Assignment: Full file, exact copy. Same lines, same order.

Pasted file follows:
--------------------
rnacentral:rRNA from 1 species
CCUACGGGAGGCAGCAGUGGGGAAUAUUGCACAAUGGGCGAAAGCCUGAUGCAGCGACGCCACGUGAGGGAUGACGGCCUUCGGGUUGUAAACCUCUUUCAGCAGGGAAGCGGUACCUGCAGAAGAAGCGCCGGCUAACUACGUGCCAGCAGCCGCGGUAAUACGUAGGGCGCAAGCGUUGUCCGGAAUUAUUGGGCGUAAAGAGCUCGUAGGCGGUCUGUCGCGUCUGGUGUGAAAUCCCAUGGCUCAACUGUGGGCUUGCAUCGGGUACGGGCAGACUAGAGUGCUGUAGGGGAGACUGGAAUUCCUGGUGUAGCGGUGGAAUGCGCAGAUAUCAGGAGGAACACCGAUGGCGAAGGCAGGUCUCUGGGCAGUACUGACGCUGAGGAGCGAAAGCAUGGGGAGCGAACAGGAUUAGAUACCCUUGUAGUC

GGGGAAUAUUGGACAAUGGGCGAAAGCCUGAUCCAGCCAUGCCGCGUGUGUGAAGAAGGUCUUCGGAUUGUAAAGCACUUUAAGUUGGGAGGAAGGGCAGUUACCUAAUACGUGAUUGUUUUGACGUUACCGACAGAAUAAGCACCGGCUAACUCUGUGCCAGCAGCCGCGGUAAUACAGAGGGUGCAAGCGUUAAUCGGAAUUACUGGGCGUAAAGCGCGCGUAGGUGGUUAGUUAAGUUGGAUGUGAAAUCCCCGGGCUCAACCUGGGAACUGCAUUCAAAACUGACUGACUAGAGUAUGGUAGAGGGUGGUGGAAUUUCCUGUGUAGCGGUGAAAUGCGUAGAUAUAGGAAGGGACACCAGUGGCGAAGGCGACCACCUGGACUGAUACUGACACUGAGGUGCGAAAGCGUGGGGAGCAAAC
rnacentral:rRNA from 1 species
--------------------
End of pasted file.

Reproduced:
rnacentral:rRNA from 1 species
CCUACGGGAGGCAGCAGUGGGGAAUAUUGCACAAUGGGCGAAAGCCUGAUGCAGCGACGCCACGUGAGGGAUGACGGCCUUCGGGUUGUAAACCUCUUUCAGCAGGGAAGCGGUACCUGCAGAAGAAGCGCCGGCUAACUACGUGCCAGCAGCCGCGGUAAUACGUAGGGCGCAAGCGUUGUCCGGAAUUAUUGGGCGUAAAGAGCUCGUAGGCGGUCUGUCGCGUCUGGUGUGAAAUCCCAUGGCUCAACUGUGGGCUUGCAUCGGGUACGGGCAGACUAGAGUGCUGUAGGGGAGACUGGAAUUCCUGGUGUAGCGGUGGAAUGCGCAGAUAUCAGGAGGAACACCGAUGGCGAAGGCAGGUCUCUGGGCAGUACUGACGCUGAGGAGCGAAAGCAUGGGGAGCGAACAGGAUUAGAUACCCUUGUAGUC

GGGGAAUAUUGGACAAUGGGCGAAAGCCUGAUCCAGCCAUGCCGCGUGUGUGAAGAAGGUCUUCGGAUUGUAAAGCACUUUAAGUUGGGAGGAAGGGCAGUUACCUAAUACGUGAUUGUUUUGACGUUACCGACAGAAUAAGCACCGGCUAACUCUGUGCCAGCAGCCGCGGUAAUACAGAGGGUGCAAGCGUUAAUCGGAAUUACUGGGCGUAAAGCGCGCGUAGGUGGUUAGUUAAGUUGGAUGUGAAAUCCCCGGGCUCAACCUGGGAACUGCAUUCAAAACUGACUGACUAGAGUAUGGUAGAGGGUGGUGGAAUUUCCUGUGUAGCGGUGAAAUGCGUAGAUAUAGGAAGGGACACCAGUGGCGAAGGCGACCACCUGGACUGAUACUGACACUGAGGUGCGAAAGCGUGGGGAGCAAAC
rnacentral:rRNA from 1 species